Wednesday, September 25, 2013

Projects involving Leaves or leave shapes

These projects do vary in medium type ending with a sewing project.  However, they all involve leaves or leave shapes.

Autumn Mason Jar

Materials:  Mod Podge, fall leaves, brush, newspaper, acrylic spray, tea light, and Mason jar

Dry beautiful, colorful fall leaves using this method. Drying should take only about two weeks.
Use ONLY dried, pressed leaves that have NOT been coated with Mod Podge when you make this candle jar.   
Smear Mod Podge all over the sides of the jar.  Do not apply Mod Podge to the bottom or the grooved lid area. (For large areas like this, I prefer using a regular brush, but a foam brush will work also).
Place your dry leaf right onto the Mod Podge and press into place.  Brush over the leaf with more Mod Podge.  
Continue adding leaves and Mod Podge until your jar is covered with leaves.  Overlap a few, but keep in mind that overlap areas do reduce the light that can pass through.  Lighter colored leaves work best.  Use the darker leaves as accents.

Once you have finished placing your leaves around the jar surface, use the flat end of your brush to create a stippled pattern in the Mod Podge areas NOT covered by leaves. This step will create a more pleasing pattern than will brush strokes when light shines through these "open" areas on the jar.
Let the candle dry thoroughly and then apply a second coat of Mod Podge, again "stippling" the open areas.
Let the jar dry several hours or overnight.  Overspray with acrylic spray. When dry, pop a tea light in the bottom and you are done!

Luminous Leaf Lanterns

Materials:  leaves pressed (at least 36 hours), mod podge, paint brush, glass jar or bowl

To begin, paint a thick layer of mod podge onto your glass surface. Place your leaves on top.
Paint thickly over the leaves. Don't worry if they don't lie flat in all places, the leaves seem to hold strong once the mod podge dries.

Fall Foliage Frames

Materials:  a frame, mod podge, paint brush, and pressed leaves

Lay out for your leaves on the frame.
Slather the mod podge on each leaf ~ front and back ~ starting with the bottom leaves and working your way up until all leaves are on.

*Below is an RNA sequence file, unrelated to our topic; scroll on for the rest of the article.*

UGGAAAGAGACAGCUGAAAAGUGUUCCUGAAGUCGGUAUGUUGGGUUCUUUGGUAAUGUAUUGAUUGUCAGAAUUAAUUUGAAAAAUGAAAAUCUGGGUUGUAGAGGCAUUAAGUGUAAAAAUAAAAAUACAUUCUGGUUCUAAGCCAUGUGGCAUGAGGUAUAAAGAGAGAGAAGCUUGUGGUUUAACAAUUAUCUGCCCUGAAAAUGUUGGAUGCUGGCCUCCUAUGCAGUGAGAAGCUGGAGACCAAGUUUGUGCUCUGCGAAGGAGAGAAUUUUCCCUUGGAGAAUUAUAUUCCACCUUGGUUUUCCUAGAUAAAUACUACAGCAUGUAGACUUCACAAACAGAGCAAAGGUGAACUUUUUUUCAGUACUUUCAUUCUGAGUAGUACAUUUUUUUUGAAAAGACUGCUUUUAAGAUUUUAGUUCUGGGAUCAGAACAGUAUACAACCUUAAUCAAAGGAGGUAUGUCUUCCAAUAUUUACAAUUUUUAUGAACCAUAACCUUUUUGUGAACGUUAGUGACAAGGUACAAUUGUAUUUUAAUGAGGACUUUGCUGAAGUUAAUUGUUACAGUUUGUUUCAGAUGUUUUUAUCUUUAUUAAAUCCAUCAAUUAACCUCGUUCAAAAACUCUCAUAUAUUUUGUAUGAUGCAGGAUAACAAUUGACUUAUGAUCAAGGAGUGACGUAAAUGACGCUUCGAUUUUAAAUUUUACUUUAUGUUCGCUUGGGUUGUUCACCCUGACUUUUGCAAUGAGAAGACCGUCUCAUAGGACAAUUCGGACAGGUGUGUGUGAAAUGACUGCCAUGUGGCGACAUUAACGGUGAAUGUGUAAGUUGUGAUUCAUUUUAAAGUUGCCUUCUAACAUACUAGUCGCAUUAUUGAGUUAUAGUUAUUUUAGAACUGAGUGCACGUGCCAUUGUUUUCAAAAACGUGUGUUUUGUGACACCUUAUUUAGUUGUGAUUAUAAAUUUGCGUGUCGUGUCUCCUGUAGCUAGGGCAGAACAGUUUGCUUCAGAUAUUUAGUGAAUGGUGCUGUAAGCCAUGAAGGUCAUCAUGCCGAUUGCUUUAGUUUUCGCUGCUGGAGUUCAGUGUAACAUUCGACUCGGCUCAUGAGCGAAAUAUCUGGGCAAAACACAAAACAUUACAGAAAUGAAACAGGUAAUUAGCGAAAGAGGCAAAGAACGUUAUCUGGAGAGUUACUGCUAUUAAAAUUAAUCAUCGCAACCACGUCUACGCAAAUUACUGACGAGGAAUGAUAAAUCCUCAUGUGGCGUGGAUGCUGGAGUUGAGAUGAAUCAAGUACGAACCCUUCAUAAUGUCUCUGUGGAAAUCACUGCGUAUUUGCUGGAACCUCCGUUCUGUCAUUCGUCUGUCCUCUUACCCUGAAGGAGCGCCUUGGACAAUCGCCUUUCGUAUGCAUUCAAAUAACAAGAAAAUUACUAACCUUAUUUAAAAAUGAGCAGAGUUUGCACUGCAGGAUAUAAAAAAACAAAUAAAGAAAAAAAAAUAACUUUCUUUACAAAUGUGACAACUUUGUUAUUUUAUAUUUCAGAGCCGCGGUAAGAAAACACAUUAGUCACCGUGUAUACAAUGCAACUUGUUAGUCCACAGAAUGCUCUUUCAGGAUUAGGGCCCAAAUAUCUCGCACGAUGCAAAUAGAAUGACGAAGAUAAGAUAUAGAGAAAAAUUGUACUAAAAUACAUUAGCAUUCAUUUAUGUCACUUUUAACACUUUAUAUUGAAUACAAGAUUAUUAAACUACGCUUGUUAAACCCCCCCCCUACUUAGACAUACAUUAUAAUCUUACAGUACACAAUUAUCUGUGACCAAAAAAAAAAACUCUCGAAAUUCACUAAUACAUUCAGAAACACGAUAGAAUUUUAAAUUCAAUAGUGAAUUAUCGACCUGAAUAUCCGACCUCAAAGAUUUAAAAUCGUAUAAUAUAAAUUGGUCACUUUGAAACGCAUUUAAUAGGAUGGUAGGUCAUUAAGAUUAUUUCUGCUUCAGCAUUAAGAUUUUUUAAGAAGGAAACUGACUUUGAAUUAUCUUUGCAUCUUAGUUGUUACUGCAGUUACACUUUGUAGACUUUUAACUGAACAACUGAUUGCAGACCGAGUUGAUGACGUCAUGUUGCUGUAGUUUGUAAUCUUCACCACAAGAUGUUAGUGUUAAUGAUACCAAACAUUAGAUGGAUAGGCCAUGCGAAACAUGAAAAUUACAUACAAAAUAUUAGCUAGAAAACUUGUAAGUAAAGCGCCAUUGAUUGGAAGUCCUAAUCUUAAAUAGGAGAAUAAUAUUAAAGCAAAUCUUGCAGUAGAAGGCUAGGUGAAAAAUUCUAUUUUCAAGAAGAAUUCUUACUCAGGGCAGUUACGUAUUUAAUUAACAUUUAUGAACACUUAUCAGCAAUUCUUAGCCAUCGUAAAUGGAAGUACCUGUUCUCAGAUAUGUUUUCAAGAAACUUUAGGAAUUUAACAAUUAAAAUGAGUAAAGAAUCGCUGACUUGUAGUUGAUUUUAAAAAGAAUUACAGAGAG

Let it fully dries.  You will get lovely leaves that will be shiny and durability.

Zip Tie Leaf Earrings

Materials:  zip-ties, scissors, earring findings, white glue, jump ring,  and pliers

Step one: make some zip-tie leaves.
Insert the skinny end into the locking hole and pull until you have a teardrop shape.  Trim the tail and you have your basic leaf.  As you make a second leaf to match, pull the end slowly and keep measuring against the first leaf until they are the same.
Two notes: be sure you insert the end into the hole so the teeth grip and lock.  If you insert it backwards, it will just slip out.  Also, once you have completed your leaf, you could add a drop of glue into the lock; just to be sure it won't click past any more teeth and shrink smaller.  This is optional for these earrings, though; there's not much stress on the design, they are probably fine without glue.
To turn a leaf into an earring, use a jump ring and any earring finding.  Like this:

Second version:
Link two teardrops with a teeny tiny leaf, as in this yellow pair.

Everlasting Fall Leaves

Materials:  scraps of cotton fabric measuring about 10" x 8" in autumn prints and colors, quilt batting, and basic sewing supplies

First draw a leaf on a piece of paper.  Here a 9" X 7" leaves was done. Pin and cut one layer of quilt batting and two layers of fabric for each leaf.
Place the leaf batting down on a flat surface. Then put one of the fabric leaves down with pretty sides up.  Then put the other fabric leaf pretty sides down, as shown in the photo to the left.
Stitch around the leaf using the pressure foot as your guide.  Leave an opening towards the bottom of your leaf large enough to turn it pretty side out. When you are done sewing it, clip into the curved areas as shown in the photo, being careful not to cut into your stitching line.

Turn your leaf pretty side out.  Poke out curves and press the leaf flat.  Hand stitch the opening closed.
Straight stitch the "veins" on your leaf as shown in the photo. Cut all hanging or loose threads.

Share your ideas on this or anything here on the blog either here or e-mail me at  I look forward to hearing from you!

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